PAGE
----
We can only imagine the distress his mother experienced upon reading Victor’s May 7, 1915 letter to her: “I had my right and left hand men shot down and the men that took their places were also shot. I had two rifle ball holes in my kit bag at the finish and I had to use a dead man’s rifle, as mine was shot and broken.” She must have been relieved at his survival to tell the tale, but horrified at his acknowledgement that “3/5 of our battalion killed & wounded.” His postscriptt “Knowles and I have had a raise, and have been asked by our officer to consider it as a reward for work done in the field” was likely little consolation. An air of foreboding surrounds the letter as he wrote: “… so I had some good chance to study the chances a man has against the bullet and concluded that they were all against the man.”
Two weeks later, his Brigade was in action again at Festubert in the Artois region of France. The Canadians made small gains, but incurred over 2,000 more casualties within the week through a series of largely unsuccessful attacks (warmuseum.ca). Victor was one of the casualties.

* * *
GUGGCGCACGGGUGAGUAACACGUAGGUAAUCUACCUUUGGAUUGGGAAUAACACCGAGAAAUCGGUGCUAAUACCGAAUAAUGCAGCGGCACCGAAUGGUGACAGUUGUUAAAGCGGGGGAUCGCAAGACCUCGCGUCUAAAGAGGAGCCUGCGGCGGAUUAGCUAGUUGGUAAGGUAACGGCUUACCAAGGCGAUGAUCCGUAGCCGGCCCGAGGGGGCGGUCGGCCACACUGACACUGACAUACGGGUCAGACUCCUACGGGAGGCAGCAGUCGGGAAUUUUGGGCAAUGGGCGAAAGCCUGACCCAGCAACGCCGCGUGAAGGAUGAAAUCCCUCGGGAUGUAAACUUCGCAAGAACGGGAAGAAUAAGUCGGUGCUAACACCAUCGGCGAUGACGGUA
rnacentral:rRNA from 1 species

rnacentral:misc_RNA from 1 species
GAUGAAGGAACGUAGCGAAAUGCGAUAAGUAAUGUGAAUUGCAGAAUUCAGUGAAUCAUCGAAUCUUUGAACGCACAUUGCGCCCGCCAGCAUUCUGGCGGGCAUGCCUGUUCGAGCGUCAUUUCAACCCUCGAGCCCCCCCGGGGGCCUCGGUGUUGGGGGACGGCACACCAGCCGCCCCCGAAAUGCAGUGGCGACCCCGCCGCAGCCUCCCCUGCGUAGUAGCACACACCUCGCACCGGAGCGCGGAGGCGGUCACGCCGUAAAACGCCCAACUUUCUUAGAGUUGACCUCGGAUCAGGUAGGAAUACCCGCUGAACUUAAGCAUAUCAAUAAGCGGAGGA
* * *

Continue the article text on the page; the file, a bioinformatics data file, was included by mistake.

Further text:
Some of his final diary entries include:
May 23: Buried some men.
May 24: Birthday, Awakened by the burning of several shrapnel wounds.
May 25: In Anglo American Hospital.
May 31: Took out some shrapnel
June 6: Took communion
June 7 (final entry): More shrapnel removed.
His Canadian Expeditionary Forces Death Certificate and obituary indicate that he died on June 10, 1915 of wounds received at the battle of Festubert, at age 21.
The entire town of Southampton must have felt for his death, the first of the Great War for their town. The Town sent a heartfelt letter of sympathy to Mr. and Mrs. Tranter commenting, “He has ‘quit himself well,’ his spirit is far above the trenches in which he fought and we believe him safe in the care and love of the house prepared for him by the One who made sacrifice glorious in giving Himself for us.” A letter from the Chaplain of The Anglo-American Hospital dated June 12, 1915 to Mrs. Tranter describes the funeral of her son and the sympathy expressed by Lady Hadfield, and encloses a photograph of the cemetery and location of Victor’s grave. He closes the letter saying, “There is so little that we seem to be able to do for you all who are so far away.” Even his Nurse, Sister Rose, sent Mrs. Tranter a post card “in memory of her patient.”